Murine T-Cell Responses to Protozoan and Metazoan Parasites: Functional Analysis of T-Cell Lines and Clones Specific for Leishmania tropica and Schistosoma mansoni

  • J. A. Louis
  • G. Lima
  • J. Pestel
  • R. Titus
  • H. D. Engers
Part of the Contemporary Topics in Immunobiology book series (CTI, volume 12)


Leishmanias are protozoan parasites transmitted to mammalian hosts by the bite of sandflies. After injection into the skin, the flagellate forms (promastigotes) are taken up by macrophages, where they transform into the aflagellate form (amastigotes). Cutaneous leishmaniasis is caused by parasites belonging to the L. tropica (Old World), L. mexicana and L. brasiliensis complex (New World) Mucocutaneous forms of the disease usually result from infection with L. brasiliensis and visceral leishmaniasis, commonly named kala-azar, is caused by L. donovani The clinical manifestations observed in patients infected with these parasites form a spectrum of diseases similar to that described in leprosy. The types of pathologic changes observed in infected human subjects appear to be dependent on factors related to both the parasite and the host response. Furthermore, observations that the development of parasite-specific delayed-type hypersensitivity (DTH) responses are often concommitant with the resolution of cutaneous human lesions point to a major role played by cell-mediated immunity in the healing of cutaneous lesions (Alder, 1964). The absence of specific DTH reactions during the active phase of visceral leishmaniasis support this hypothesis.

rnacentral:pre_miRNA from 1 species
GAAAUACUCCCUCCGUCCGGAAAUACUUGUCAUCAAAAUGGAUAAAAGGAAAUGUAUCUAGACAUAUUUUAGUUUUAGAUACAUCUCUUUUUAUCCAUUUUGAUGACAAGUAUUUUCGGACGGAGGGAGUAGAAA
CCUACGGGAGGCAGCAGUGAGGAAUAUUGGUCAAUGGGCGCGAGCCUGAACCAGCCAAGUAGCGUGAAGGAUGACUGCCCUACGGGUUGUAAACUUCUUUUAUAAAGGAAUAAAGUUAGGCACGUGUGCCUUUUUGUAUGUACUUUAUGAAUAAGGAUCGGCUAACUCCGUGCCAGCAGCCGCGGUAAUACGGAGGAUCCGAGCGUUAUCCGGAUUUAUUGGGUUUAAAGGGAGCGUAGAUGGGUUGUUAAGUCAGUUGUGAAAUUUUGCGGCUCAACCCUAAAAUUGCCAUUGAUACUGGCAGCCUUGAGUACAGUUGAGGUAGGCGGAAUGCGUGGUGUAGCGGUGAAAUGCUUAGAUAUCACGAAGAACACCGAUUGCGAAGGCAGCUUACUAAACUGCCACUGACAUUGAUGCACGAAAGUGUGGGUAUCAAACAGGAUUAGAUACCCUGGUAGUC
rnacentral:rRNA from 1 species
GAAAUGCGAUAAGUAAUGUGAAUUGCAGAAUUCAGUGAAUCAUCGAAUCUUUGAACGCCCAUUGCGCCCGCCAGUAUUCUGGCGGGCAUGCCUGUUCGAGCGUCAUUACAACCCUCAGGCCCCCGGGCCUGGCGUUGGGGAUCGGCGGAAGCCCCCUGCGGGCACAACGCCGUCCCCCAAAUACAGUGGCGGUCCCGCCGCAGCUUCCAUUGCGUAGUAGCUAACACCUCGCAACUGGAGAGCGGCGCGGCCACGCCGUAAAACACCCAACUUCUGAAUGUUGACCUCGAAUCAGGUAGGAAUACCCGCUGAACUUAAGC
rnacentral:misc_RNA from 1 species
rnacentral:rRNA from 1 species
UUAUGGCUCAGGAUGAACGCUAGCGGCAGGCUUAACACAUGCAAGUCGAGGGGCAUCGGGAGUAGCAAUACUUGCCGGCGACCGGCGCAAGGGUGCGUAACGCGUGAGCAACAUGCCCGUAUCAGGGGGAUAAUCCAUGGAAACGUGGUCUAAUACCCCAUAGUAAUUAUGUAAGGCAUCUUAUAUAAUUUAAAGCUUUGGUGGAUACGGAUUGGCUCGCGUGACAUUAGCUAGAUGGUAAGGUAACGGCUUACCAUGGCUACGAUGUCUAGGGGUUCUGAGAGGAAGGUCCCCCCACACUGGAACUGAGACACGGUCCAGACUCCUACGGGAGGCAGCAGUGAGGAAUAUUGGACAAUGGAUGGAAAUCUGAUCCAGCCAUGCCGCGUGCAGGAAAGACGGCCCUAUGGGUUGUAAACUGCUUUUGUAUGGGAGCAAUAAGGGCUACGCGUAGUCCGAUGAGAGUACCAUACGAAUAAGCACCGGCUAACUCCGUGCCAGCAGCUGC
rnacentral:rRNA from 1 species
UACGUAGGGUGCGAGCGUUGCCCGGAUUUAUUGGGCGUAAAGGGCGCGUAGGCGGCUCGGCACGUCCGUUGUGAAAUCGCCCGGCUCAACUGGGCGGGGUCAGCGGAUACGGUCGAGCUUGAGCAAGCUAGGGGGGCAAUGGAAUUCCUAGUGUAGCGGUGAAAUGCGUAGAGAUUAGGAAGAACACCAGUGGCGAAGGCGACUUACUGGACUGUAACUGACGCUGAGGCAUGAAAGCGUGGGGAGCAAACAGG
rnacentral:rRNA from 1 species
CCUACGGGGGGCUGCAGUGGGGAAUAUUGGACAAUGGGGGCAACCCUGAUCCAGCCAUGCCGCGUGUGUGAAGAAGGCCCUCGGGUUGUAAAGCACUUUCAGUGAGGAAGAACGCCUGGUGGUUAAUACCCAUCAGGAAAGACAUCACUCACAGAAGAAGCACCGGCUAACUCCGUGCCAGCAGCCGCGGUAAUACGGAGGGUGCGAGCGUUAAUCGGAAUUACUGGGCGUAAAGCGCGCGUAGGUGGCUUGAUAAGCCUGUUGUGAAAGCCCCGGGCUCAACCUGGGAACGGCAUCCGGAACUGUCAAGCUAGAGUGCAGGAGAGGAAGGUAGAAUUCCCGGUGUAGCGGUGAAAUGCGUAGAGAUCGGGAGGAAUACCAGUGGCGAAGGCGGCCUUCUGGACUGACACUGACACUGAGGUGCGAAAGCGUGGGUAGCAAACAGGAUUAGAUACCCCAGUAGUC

Spleen Cell Visceral Leishmaniasis Cutaneous Leishmaniasis Schistosoma Mansoni Helper Activity 
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Copyright information

© Plenum Press, New York 1984

Authors and Affiliations

  • J. A. Louis
    • 1
  • G. Lima
    • 1
  • J. Pestel
    • 1
  • R. Titus
    • 1
  • H. D. Engers
    • 2
  1. 1.WHO Immunology Research and Training Centre Institute of BiochemistryUniversity of LausanneEpalingesSwitzerland
  2. 2.Department of ImmunologySwiss Institute for Experimental Cancer ResearchEpalingesSwitzerland

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